Breaking News: The judge in the George Zimmerman second-degree murder trial revoked his bond today and ordered him to surrender himself in 48 hours. George Zimmerman's Bond Revoked
attorney Mark O'Mara during a bond hearing in Sanford, Fla., in this
April 20, 2012 photo. (Gary W. Green/ Orlando Sentinel/Pool/AP Photo)
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A judge revoked bond today for George Zimmerman, who is accused of
killing a Florida teenager in his gated community, and ordered the
neighborhood watch captain to surrender himself in 48 hours.
Prosecutors had filed a motion today to revoke his bond, accusing
Zimmerman of "deceiving" the court about his finances and his possession
of a second passport, which he apparently acquired two weeks after the
"The court was led to believe that they didn't have a single penny,"
said prosecutor Bernie De La Rionda. "If this [the money] wasn't
relevant to bond then why did they lie about it? I don't know what
other words to use besides that it was a blatant lie."
In recordings of conversations released today during a court hearing,
Zimmerman and his wife cryptically talk about his second passport in a
safety deposit box they shared.
Although one of his passports was due to expire in May, prosecutors said
today, Zimmerman applied for a second passport, informing the State
Department that the original had been lost lost or stolen.
In some of the phone calls between the two, she is at a credit union
that was linked to his PayPal account and speaking to a teller. The
prosecution said that she was "intimately involved in the deposit and
transfer of funds and money into various accounts."
In the conversations Zimmerman and his wife speak in code -- reducing
the amounts in their financial accounts by a factor of 1,000.
Prosecutors said the couple knew that their jailhouse conversations were
likely being recorded.
Zimmerman is accused of tracking down and killing teenager Trayvon
Martin, who caught the attention of the neighborhood watch captain in
his gated Florida community.
The new documents show that Zimmerman had $135,000 in his bank account
the day before his bail hearing -- in which he declared himself
The prosecution and defense also have banded together against more than a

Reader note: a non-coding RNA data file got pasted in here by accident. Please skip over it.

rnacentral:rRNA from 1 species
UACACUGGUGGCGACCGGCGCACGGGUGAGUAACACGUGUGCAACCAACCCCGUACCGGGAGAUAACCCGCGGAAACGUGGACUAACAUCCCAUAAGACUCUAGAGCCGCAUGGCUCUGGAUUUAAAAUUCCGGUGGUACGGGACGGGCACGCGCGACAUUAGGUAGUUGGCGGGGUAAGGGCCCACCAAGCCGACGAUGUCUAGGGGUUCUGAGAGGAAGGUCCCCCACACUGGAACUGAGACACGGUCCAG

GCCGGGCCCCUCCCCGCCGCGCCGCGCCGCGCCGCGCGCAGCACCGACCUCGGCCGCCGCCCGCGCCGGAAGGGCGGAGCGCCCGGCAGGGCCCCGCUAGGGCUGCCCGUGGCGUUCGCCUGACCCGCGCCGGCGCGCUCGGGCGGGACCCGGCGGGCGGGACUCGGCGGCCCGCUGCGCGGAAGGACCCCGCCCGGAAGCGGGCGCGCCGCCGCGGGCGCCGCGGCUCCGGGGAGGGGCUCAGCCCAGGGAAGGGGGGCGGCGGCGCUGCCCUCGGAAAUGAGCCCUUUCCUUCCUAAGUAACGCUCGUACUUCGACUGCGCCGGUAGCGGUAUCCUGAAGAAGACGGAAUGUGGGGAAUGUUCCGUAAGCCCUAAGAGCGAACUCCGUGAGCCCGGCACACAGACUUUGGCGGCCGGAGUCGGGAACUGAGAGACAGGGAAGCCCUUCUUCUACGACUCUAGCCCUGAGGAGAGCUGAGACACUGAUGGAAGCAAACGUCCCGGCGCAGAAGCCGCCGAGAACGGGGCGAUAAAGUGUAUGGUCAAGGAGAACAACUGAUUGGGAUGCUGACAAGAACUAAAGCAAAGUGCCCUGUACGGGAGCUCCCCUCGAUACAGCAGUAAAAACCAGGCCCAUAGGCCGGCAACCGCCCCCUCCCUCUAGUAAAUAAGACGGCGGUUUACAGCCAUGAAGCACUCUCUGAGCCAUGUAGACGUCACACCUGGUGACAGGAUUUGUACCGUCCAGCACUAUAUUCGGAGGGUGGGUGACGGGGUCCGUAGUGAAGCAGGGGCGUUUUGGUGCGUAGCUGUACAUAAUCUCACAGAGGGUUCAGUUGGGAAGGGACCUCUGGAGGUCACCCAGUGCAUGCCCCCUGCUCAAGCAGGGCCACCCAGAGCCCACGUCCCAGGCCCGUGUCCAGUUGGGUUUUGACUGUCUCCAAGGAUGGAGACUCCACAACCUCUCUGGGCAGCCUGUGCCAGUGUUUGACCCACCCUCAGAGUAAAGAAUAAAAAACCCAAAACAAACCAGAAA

dozen media companies' demands to uncork another batch of sealed
records that could reveal much more about both Zimmerman and Martin that
The attorneys for Zimmerman and the state will likely try to keep sealed
Zimmerman's statements to police, his text messages and the names and
addresses of 22 witnesses
who saw or heard the fighting between Zimmerman and Martin Feb. 26.
Both sides have argued that given the intense controversy and scrutiny
over the shooting, keeping a lid on public information about the
identity of witnesses and Zimmerman's allegedly inconsistent statements
given to police the night of the shooting would enable them to more
fairly pursue justice.
However, the media companies countered that violates Florida's especially open public records laws.
Zimmerman has claimed that he shot the unarmed 17-year-old Feb. 26 in self-defense.
The prosecution has accused the neighborhood watchman of "profiling"
Martin, who is black; following him; and entering into a confrontation
that eventually led him to draw his weapon and shoot Martin in the
Zimmerman's attorney Mark O'Mara wrote on his blog that once he receives
all the evidence from the state he will begin deposing about 50
witnesses, including experts. He added the trial is now not expected to
begin until 2013.
O'Mara has brought on a new co-counsel to help him with the case, Orlando attorney Donald West, who specializes in murder cases.
West resigned from his post at the federal public defender's office in
Orlando specifically to join O'Mara and defend Zimmerman.
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